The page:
The Santi Giovanni e Paolo theater was considered, in the seventeenth century, the most beautiful and comfortable of the Venetian theaters. Built by the Grimani family, it played a crucial role in spreading the Opera in Venice.

Commissioned by the Grimani family, the theater was built in 1635 in wood. In 1638, the structure was rebuilt in wood and stone and changed location, moving from Fondamenta Nuove to Calle della Testa.

The theater takes its name from the nearby Basilica of Santi Giovanni e Paolo. Initially built for theatrical performances, it soon hosted the Opera as well. It will be with an Opera that the new theater will be inaugurated in 1639.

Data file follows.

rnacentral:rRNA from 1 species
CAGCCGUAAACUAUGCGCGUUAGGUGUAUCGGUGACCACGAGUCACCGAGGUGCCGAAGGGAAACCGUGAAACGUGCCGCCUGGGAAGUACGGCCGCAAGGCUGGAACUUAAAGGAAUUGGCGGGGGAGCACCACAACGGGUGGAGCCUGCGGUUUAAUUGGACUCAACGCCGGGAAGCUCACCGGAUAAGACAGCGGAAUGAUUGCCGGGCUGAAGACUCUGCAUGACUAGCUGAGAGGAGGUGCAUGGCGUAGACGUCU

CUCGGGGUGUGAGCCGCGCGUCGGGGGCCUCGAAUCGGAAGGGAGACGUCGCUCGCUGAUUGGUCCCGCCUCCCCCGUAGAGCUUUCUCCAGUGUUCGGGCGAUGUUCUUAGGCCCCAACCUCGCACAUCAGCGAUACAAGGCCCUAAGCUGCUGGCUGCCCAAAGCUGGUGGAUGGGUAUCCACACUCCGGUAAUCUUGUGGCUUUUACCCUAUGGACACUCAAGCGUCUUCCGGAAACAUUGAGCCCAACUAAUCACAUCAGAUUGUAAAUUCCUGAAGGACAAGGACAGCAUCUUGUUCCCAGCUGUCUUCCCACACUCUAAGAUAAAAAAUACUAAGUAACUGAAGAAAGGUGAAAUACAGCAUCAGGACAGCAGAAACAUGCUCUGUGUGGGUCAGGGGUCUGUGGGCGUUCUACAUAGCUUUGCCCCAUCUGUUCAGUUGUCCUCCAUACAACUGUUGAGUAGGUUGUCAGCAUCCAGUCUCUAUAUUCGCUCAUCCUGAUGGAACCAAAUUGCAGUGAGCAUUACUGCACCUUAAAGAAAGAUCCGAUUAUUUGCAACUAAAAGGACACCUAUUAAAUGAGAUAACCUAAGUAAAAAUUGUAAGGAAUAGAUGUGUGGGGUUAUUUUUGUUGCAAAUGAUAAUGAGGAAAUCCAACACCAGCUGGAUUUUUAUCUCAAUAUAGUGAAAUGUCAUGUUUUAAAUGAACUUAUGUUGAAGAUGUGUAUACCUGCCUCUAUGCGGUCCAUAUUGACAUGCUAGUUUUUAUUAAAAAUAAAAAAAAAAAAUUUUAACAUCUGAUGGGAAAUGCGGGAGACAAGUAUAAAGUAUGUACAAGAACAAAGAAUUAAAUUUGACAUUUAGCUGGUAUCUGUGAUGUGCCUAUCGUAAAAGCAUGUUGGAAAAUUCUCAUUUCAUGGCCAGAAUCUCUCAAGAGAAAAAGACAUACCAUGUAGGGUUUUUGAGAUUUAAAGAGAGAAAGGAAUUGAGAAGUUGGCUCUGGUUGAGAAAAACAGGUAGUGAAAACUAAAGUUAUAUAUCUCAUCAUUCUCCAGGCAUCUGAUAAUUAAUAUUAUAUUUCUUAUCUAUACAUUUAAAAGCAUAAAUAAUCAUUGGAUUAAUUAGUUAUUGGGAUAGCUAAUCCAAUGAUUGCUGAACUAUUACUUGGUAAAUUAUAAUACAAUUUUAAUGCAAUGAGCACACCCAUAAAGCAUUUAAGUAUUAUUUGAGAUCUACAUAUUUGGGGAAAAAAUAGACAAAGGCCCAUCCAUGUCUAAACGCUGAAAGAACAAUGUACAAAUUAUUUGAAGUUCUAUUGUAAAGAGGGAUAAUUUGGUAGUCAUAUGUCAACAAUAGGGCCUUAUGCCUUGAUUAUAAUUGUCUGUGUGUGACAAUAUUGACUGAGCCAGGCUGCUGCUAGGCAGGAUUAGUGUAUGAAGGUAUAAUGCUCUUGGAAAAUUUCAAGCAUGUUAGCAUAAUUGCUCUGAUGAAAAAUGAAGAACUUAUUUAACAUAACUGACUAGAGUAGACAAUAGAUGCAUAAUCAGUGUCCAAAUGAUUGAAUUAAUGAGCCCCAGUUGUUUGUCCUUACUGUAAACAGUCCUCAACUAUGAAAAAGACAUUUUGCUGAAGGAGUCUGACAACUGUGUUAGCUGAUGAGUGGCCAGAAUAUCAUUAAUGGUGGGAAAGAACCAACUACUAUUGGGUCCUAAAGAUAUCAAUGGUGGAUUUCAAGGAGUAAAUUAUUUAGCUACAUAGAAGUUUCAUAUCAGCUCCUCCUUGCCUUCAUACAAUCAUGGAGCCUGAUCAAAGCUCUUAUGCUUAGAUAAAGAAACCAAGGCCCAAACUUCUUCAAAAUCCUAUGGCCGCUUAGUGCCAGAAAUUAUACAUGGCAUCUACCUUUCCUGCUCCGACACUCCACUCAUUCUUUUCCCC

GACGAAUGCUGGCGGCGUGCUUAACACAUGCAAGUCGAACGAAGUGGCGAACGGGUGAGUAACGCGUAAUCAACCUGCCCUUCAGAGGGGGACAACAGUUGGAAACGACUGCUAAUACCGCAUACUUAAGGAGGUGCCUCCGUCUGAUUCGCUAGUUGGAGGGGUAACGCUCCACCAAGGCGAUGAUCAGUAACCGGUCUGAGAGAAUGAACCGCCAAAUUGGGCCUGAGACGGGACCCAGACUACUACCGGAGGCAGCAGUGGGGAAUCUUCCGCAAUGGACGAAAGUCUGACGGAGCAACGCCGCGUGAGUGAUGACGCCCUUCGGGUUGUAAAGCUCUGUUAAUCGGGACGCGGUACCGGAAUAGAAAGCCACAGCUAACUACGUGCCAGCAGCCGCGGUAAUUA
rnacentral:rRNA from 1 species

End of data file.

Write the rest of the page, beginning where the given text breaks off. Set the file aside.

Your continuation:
In 1654, the architect Carlo Fontana designed and renovated the theater, to adapt it to an opera house.

In the following years, the Grimani family built two more theaters in Venice and, due to competition and the growing economic crisis, it became increasingly difficult to maintain it. Its definitive closure took place in 1715 and was demolished in 1748.

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